It was the Roman poet Ovid who helped to shape the story of Philomela, Tereus, and Procne as it is known to modern readers. As with the story of Echo and Narcissus (which we’ve analysed here), Ovid was the one who took earlier Greek myths and rearranged the details to form the familiar version we all know today.

But oddly, Ovid, in the Metamorphoses, seems to have been unusual in making Philomela the nightingale and Procne the swallow. Ovid, of course, was writing in the heyday of ancient Rome, but earlier sources from ancient Greece have the transformation or ‘metamorphosis’ the other way around, i.e. Philomela was turned into a swallow and it was her sister, Procne, who was transformed into a nightingale.

For instance, in his Bibliotheca (or Library), a compendium of ancient myths, Apollodorus (now sometimes known as ‘Pseudo-Apollodorus’ because we’re not entirely sure who wrote the Library) wrote about Procne becoming the nightingale and Philomela the swallow. (Incidentally, Apollodorus’ Library is available in a modern translation as The Library of Greek Mythology (Oxford World’s Classics).)

This makes more sense when we stop and think about it: it is perhaps odd that Philomela, having lost her tongue when a woman, should be transformed into a bird which is known for its beautiful singing voice. Either it’s a beautiful example of poetic justice and order being restored, or it’s a nonsensical transformation, given that she had lost all powers of speech.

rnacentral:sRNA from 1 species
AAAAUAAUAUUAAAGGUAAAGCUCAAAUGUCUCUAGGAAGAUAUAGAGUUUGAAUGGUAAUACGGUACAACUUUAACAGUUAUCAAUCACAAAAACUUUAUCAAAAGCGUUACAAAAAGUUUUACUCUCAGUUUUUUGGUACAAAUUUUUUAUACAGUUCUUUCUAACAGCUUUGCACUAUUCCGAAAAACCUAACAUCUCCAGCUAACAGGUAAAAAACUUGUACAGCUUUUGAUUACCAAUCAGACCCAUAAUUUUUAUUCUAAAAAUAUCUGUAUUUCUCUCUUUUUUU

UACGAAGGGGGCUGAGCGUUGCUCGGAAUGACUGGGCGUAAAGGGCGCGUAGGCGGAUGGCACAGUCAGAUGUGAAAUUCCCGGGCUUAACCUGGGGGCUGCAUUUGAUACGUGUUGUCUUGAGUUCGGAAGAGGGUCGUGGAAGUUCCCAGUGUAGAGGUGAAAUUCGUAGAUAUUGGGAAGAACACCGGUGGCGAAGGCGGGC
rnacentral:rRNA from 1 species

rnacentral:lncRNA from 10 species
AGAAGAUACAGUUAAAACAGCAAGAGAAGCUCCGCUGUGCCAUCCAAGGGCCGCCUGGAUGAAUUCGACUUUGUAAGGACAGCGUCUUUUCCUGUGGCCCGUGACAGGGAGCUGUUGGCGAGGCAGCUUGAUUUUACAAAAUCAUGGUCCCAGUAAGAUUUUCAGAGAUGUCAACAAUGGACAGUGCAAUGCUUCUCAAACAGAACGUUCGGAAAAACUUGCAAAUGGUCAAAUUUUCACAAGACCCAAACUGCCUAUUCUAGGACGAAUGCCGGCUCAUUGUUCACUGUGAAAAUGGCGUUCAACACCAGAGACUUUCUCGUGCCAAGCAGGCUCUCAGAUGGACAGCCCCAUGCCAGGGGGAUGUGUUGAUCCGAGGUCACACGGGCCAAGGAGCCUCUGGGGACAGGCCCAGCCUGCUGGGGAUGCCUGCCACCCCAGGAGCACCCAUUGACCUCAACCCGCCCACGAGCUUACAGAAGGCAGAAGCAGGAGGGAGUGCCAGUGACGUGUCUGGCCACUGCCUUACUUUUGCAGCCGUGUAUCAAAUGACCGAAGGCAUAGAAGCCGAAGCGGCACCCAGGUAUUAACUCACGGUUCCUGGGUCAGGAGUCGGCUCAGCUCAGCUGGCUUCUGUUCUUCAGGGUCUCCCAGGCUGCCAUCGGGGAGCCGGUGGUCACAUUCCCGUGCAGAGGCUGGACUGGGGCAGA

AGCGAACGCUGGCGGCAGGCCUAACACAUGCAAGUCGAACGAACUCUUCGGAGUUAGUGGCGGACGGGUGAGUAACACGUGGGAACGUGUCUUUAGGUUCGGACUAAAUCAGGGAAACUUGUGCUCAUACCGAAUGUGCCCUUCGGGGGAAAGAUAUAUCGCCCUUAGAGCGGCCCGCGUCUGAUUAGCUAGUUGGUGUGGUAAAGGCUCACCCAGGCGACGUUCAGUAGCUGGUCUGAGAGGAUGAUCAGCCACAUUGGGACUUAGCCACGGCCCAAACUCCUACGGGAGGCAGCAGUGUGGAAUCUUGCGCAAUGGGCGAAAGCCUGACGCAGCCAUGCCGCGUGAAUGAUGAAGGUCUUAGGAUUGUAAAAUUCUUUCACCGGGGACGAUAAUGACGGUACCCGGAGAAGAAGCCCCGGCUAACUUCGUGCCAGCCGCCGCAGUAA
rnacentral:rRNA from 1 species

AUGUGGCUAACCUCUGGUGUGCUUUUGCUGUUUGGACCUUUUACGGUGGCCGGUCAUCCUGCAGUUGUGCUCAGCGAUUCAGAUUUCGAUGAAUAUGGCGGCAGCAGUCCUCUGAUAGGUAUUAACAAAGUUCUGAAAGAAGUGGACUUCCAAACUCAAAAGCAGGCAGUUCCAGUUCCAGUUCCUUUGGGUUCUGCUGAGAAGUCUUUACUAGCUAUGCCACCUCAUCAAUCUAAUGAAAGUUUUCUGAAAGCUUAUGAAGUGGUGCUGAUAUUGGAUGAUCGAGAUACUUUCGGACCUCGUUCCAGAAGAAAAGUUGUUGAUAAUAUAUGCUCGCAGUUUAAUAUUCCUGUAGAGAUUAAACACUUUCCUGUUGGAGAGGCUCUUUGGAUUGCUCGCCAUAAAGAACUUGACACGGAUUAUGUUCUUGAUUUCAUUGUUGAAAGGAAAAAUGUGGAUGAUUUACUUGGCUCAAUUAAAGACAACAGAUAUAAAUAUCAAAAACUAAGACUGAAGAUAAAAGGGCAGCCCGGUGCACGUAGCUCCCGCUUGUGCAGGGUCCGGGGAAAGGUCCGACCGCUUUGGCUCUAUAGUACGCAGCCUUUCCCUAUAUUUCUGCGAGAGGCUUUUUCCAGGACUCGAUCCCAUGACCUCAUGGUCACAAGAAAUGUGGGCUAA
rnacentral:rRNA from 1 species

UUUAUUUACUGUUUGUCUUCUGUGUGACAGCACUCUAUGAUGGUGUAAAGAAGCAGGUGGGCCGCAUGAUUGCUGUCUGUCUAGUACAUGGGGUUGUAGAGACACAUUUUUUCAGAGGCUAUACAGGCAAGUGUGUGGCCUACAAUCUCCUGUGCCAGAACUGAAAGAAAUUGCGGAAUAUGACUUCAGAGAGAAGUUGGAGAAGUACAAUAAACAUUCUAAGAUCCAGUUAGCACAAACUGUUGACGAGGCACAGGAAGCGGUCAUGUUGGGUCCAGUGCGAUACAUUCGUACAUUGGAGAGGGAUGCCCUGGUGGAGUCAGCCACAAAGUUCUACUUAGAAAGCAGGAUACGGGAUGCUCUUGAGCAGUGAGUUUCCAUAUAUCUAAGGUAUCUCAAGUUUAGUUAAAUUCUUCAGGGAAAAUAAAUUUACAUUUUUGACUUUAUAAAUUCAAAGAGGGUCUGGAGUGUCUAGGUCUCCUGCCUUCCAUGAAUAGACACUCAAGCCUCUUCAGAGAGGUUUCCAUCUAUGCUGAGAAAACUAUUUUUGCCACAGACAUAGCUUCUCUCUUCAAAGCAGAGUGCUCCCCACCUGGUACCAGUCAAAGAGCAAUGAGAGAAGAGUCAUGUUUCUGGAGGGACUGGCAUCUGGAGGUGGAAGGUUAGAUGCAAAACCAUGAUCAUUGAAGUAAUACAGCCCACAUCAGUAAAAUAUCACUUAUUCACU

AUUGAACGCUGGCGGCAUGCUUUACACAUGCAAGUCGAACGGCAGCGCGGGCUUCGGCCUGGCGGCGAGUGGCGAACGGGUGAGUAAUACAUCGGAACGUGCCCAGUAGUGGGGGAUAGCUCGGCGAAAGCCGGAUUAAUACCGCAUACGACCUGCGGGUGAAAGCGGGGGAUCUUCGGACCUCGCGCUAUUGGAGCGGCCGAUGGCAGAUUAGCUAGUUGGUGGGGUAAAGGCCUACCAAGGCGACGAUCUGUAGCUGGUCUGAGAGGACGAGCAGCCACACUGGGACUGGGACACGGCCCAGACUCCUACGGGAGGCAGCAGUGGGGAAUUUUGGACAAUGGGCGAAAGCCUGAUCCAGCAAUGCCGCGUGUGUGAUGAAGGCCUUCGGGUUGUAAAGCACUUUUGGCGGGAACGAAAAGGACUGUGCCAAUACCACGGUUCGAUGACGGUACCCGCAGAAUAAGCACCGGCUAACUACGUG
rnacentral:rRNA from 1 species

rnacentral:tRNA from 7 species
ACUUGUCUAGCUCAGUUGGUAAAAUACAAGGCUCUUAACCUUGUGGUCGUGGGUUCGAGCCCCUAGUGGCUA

But the alternative, that Procne was transformed into the nightingale, makes more sense, if we think about it: the woman who murdered her own son to wreak vengeance on her barbarous husband is doomed for eternity to sing a sad song, lamenting her own crime as well as her poor sister’s tragic fate. She is singing a sad song out of remorse rather than (or as well as) a more general grief or sadness.

Oddly perhaps, it is ornithology that helps to clear up this mess. There is a genus of martins (related to the swallow) named Progne. Progne is the Latinized form of ‘Procne’.

Indeed, the idea that Philomela was transformed into a nightingale isn’t the only thing Ovid introduced. He was also under the impression to Philomela’s name literally means ‘lover of song’, from the ancient Greek φιλο- (‘love’) and μέλος (‘song’). This would obviously fit with the nightingale association, but as we’ve already seen, that is itself a misconception. The second part of Philomela’s name was actually derived from μῆλον which means ‘fruit’ or, less romantically, ‘sheep’. Or, indeed, ‘apple’.